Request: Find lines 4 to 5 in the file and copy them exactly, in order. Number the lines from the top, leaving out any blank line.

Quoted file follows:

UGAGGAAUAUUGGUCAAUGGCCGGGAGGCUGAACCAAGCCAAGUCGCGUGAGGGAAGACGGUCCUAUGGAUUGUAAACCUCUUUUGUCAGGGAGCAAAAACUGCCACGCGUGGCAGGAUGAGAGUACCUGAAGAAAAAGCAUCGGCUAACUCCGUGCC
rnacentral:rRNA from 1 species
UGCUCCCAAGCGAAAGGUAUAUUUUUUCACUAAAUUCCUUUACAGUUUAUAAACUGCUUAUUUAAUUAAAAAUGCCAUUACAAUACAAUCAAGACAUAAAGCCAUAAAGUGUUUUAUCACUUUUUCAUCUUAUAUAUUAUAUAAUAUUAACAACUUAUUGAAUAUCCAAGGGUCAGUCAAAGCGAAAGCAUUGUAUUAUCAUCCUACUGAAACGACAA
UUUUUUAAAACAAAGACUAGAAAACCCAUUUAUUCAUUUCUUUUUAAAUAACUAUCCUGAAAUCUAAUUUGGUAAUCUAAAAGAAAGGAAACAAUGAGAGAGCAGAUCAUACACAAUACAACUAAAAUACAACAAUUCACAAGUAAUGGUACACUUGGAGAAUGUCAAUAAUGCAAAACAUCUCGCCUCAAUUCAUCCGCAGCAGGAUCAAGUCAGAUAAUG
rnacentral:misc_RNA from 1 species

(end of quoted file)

UUUUUUAAAACAAAGACUAGAAAACCCAUUUAUUCAUUUCUUUUUAAAUAACUAUCCUGAAAUCUAAUUUGGUAAUCUAAAAGAAAGGAAACAAUGAGAGAGCAGAUCAUACACAAUACAACUAAAAUACAACAAUUCACAAGUAAUGGUACACUUGGAGAAUGUCAAUAAUGCAAAACAUCUCGCCUCAAUUCAUCCGCAGCAGGAUCAAGUCAGAUAAUG
rnacentral:misc_RNA from 1 species